A Minneapolis college professor has ignited a debate about talking about race on campus after going public with a dispute with her employer, the Minneapolis Community and Technical College.

Shannon Gibney, who is black, has said that she was reprimanded for offending two white students during a classroom discussion about racism.

Gibney, 38, says that she has been investigated three times by the college for incidents involving alleged racial discrimination. The first time followed a 2008 confrontation with “an angry white male student” about the nature of racism, she wrote. The latest incident occurred in October.

Gibney, who teaches English, has declined requests to discuss her case with the Star Tribune. But last week, she posted a first-person essay on the online site Gawker, titled “Teaching While Black and Blue.”

On Tuesday, her battle with MCTC was the top story on Inside Higher Ed, an online journal, which raised the question: “Is talking about race at Minneapolis Community and Technical College grounds for punishment if white students are offended?”

MCTC officials would not comment on Gibney’s case, saying they can’t discuss personnel matters. But the college issued a statement saying it “has never disciplined a faculty member for teaching or discussing” racism.

Whitney Harris, the college’s executive director of diversity, said that MCTC courses routinely touch on sensitive topics, including race.

“Race matters in the United States … there’s no reason to hide from it,” Harris said. “I think it would be quite a chore to try to show that professors are punished for talking about race.”

At the same time, he said, it’s up to faculty and students alike to conduct classroom discussions in “a positive and respectful manner, even around unsettling topics.”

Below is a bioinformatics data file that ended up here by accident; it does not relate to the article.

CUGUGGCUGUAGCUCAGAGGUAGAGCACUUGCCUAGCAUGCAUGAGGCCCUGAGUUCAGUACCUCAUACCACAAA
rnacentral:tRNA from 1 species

In a video interview, Gibney said that she had been leading a discussion on racism in a mass communications class when “a young white man in the class interrupted me and asked, ‘Why do we have to talk about this every class?’ ” She said another white male student joined in, complaining that “people are always trying to say that white men are always the villains.”

Gibney said she responded by saying: “You guys are taking it personally. This is not a personal attack. We’re not talking about all white people, you white people in general. We’re talking about whiteness as a system of oppression.”

As the discussion grew heated, Gibney said she told the students: “If you’re really upset, feel free to go down to legal affairs and file a racial harassment discrimination complaint.”

Two students reportedly filed complaints, triggering an investigation that resulted in a letter of reprimand. Gibney also said she was ordered to take diversity training. She has filed an appeal, and her union has filed a grievance over the action.

“I think Shannon’s been unfairly singled out in this case,” said Barbara Hager, president of the college’s faculty union. Instead of supporting her, she said, “the administration tried to stop this faculty member from expressing what she knows.”

Harris declined to talk about the dispute but said he knows that discussions about race can be tricky. “People get uncomfortable,” he said. But “if true learning is taking place, then there’s almost always some level of discomfort, if you will. Our goal is not to create an environment where we are coddling students so they won’t feel uncomfortable.”